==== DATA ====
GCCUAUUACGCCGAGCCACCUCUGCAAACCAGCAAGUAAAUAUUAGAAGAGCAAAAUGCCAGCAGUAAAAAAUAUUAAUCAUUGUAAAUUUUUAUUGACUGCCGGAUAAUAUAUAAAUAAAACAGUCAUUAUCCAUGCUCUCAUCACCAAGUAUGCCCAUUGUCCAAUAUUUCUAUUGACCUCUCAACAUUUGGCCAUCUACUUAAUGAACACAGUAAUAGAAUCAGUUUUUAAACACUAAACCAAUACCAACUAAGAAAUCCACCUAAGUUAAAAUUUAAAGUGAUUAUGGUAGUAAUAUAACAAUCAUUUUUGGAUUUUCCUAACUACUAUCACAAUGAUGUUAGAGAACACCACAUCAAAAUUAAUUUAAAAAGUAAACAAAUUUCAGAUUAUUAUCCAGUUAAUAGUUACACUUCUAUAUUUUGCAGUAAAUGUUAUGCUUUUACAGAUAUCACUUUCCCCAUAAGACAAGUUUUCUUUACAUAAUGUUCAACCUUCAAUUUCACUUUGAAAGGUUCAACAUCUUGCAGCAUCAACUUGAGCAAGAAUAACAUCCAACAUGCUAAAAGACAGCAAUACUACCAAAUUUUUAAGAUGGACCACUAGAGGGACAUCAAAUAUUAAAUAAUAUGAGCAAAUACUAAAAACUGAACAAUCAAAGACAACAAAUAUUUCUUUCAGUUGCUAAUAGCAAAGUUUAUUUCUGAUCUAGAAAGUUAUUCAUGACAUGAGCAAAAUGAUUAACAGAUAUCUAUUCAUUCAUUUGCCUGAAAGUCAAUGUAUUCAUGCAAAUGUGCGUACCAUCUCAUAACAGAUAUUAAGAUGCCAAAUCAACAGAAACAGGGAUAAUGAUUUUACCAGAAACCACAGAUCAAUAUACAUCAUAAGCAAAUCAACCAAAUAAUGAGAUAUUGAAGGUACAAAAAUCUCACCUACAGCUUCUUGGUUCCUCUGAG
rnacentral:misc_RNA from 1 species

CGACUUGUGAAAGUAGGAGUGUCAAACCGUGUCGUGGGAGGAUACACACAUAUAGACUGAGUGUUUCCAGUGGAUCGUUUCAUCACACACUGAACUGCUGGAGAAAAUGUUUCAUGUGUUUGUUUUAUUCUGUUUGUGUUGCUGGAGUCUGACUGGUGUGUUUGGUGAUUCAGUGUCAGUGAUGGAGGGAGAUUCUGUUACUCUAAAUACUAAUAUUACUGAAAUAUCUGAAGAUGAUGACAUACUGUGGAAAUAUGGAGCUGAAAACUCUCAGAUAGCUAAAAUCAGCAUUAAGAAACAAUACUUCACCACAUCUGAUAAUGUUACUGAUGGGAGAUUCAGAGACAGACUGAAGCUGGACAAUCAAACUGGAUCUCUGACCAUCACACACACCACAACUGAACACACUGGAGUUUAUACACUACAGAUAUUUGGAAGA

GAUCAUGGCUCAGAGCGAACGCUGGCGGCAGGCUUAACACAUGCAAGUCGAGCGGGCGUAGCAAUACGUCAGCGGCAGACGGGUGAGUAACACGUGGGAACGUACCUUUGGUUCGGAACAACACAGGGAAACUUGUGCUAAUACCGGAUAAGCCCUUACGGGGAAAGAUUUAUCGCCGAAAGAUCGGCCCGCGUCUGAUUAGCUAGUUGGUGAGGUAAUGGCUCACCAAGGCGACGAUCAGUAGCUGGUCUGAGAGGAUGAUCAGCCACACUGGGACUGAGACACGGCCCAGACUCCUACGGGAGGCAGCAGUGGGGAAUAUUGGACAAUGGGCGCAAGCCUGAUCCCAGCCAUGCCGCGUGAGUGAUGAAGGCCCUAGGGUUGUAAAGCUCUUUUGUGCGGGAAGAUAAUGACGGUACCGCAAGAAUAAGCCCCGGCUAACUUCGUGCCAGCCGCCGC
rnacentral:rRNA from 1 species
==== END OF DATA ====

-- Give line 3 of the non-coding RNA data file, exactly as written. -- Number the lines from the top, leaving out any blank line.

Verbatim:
CGACUUGUGAAAGUAGGAGUGUCAAACCGUGUCGUGGGAGGAUACACACAUAUAGACUGAGUGUUUCCAGUGGAUCGUUUCAUCACACACUGAACUGCUGGAGAAAAUGUUUCAUGUGUUUGUUUUAUUCUGUUUGUGUUGCUGGAGUCUGACUGGUGUGUUUGGUGAUUCAGUGUCAGUGAUGGAGGGAGAUUCUGUUACUCUAAAUACUAAUAUUACUGAAAUAUCUGAAGAUGAUGACAUACUGUGGAAAUAUGGAGCUGAAAACUCUCAGAUAGCUAAAAUCAGCAUUAAGAAACAAUACUUCACCACAUCUGAUAAUGUUACUGAUGGGAGAUUCAGAGACAGACUGAAGCUGGACAAUCAAACUGGAUCUCUGACCAUCACACACACCACAACUGAACACACUGGAGUUUAUACACUACAGAUAUUUGGAAGA